Wednesday, 26 June 2013

Pin It Do It - Mozzarella Making!

by Bex

I recently had a fantastic evening making mozzarella with D from adizzygirl.  We'd both pinned recipes for this project on Pinterest and decided to get together and actually make it happen.  It's supposedly the easiest cheese to make and I suspect it is (if you understand the instructions correctly - see later!) although I've never made any other kind of cheese.

We used the above recipe but having both also pinned the one below, wish we used this one in retrospect.

The top recipe had quantities and an easy layout and explanation.  The bottom one when I went back to read it after, actually explains things a bit clearer, especially the final stages.  I'll definitely be trying this again to try to get a better result but we still ended up with a delicious cheese at the end of it :)

Initially we did it completely wrong!  The instructions were American and we didn't realise that when it said 90 degrees, it meant farenheit which is 32°C.  Oops.  So after waiting ages and getting quite bored waiting for our first 8 pints of milk to get hot enough without burning, eventually going nice and frothy and smelling like lovely hot milk you'd drink before bed, it left us wondering why it wasn't separating and going hard when we added the rennet.  Nik explained that we were numpties and it was supposed to be Farenheit.  D'oh!  Thank goodness he was there!

Cue us going to the local shop for more milk, and thank goodness we hadn't used the Buffalo milk we considered (until noticing that it would cost £12 as opposed to £3 for normal cow's milk!) as it would have been such a waste!  Anyway, once we had the temperature correct, it all went pretty well and even though it wasn't perfect, we did end up with edible and quite delicious Mozzarella by the end!

1 Gallon whole milk (about 8 pints)
1 tsp citric acid (found in my local halal shop)
1/4 rennet tablet (found in Wholefoods - we had liquid rather than tablets and figured out we needed to add ten drops per pint of milk)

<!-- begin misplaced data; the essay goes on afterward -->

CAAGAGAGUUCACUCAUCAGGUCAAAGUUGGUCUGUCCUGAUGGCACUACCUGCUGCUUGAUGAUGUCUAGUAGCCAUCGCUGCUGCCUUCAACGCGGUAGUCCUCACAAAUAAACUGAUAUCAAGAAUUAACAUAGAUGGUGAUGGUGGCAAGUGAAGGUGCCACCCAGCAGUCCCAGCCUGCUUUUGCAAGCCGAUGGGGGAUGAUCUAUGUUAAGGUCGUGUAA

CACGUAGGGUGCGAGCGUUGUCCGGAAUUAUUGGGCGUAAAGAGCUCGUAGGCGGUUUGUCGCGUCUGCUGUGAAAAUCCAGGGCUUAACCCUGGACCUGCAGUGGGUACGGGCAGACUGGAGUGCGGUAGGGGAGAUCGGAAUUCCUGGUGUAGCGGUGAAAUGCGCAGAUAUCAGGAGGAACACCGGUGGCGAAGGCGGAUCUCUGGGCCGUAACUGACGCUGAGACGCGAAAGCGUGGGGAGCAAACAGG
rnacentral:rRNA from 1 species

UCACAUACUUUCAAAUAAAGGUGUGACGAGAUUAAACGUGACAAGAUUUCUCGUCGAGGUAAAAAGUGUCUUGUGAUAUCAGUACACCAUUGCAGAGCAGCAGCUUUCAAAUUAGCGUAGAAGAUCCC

2 tsp cheese salt (also found in Wholefoods - this is basically just salt without iodine in it, such as Kosher salt)

I've included pictures of every step so you'll know if it's going the way it should!

1 gallon fresh whole milk

Sprinkle over 1 tsp of citric acid

Stir occasionally and heat to 32°C (90°F)

Remove from heat, add rennet, stir and leave for 8-10 minutes.

Milk should now be solid like jelly - slice into a grid pattern.

Stir gently for 20-30 seconds

Remove the curds with a slotted spoon, leaving behind as much of the whey as possible.
(We found my sieve spoon and little sieves much easier and quicker.)

Place curds into a microwaveable bowl.

Heat in the microwave for 1 minute, stir and drain off any more liquid.

Heat for 35-45 seconds more, stir and pour off any further liquid.

The cheese should start to stick together and look more stringy, if not you can heat for another 35-45 seconds.
I think this is where we went wrong, we thought it was starting to look stringy but in retrospect and after seeing the pictures on the other blog, I don't think we had the cheese hot enough.

Once the curds are sticking together and you have removed most of the whey, add the cheese salt in increments, kneading as you go to incorporate it.  At this point the cheese starts to become more stringy and sticks together better.

After the salt is incorporated, heat the cheese for another 35-45 seconds until it is stretchy like taffy.  Again, I don't think we heated it enough as I'm not sure it was stretchy enough at this stage.  It should be really hot so you'll probably need gloves to work with it.

Which meant as we pulled and stretched it, instead of going smooth, we got this when we tried to shape it into a log on the worktop.

We heated it again and managed to smooth it a bit.

Add cheese to a bowl of ice water for 5 minutes to firm up.

Our finished product - it definitely looks homemade!  ;)

We served it with fresh sourdough bread, tomatoes, basil and olive oil. 


It looked like mozzarella on the inside!  :)

Nik decided to try it on bruschetta

It was a bit more like Halloumi when grilled.

We decided to store it in the whey as it looks like the stuff mozzarella usually comes in when you buy it?!

Lots of whey left over, Nik said he found some recipes you can use it in,
such as certain types of bread but we ended up throwing it out.

P.S. Don't forget to enter our fantastic giveaway to win a £40 Amazon voucher!

1 comment:

Unknown said...

I quite like that you explained it did not go perfectly. That makes it seem more approachable. I'm not a big mozzarella fan so am unlikely to try it but fascinated by the process anyway.

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